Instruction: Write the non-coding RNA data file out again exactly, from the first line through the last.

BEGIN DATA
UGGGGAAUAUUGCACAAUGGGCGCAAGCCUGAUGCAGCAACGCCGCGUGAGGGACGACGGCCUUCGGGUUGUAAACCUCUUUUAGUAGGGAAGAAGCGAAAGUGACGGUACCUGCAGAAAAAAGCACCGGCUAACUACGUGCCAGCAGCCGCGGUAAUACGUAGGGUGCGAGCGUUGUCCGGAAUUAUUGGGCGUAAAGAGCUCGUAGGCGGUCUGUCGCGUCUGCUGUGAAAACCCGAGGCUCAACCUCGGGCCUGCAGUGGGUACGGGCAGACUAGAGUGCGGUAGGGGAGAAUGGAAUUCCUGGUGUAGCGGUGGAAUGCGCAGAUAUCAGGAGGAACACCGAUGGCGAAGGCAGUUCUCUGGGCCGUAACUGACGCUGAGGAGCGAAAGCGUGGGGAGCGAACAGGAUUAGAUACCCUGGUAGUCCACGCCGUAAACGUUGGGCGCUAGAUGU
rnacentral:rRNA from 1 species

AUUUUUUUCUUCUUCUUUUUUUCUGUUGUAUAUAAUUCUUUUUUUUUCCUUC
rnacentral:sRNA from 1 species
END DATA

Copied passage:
UGGGGAAUAUUGCACAAUGGGCGCAAGCCUGAUGCAGCAACGCCGCGUGAGGGACGACGGCCUUCGGGUUGUAAACCUCUUUUAGUAGGGAAGAAGCGAAAGUGACGGUACCUGCAGAAAAAAGCACCGGCUAACUACGUGCCAGCAGCCGCGGUAAUACGUAGGGUGCGAGCGUUGUCCGGAAUUAUUGGGCGUAAAGAGCUCGUAGGCGGUCUGUCGCGUCUGCUGUGAAAACCCGAGGCUCAACCUCGGGCCUGCAGUGGGUACGGGCAGACUAGAGUGCGGUAGGGGAGAAUGGAAUUCCUGGUGUAGCGGUGGAAUGCGCAGAUAUCAGGAGGAACACCGAUGGCGAAGGCAGUUCUCUGGGCCGUAACUGACGCUGAGGAGCGAAAGCGUGGGGAGCGAACAGGAUUAGAUACCCUGGUAGUCCACGCCGUAAACGUUGGGCGCUAGAUGU
rnacentral:rRNA from 1 species

AUUUUUUUCUUCUUCUUUUUUUCUGUUGUAUAUAAUUCUUUUUUUUUCCUUC
rnacentral:sRNA from 1 species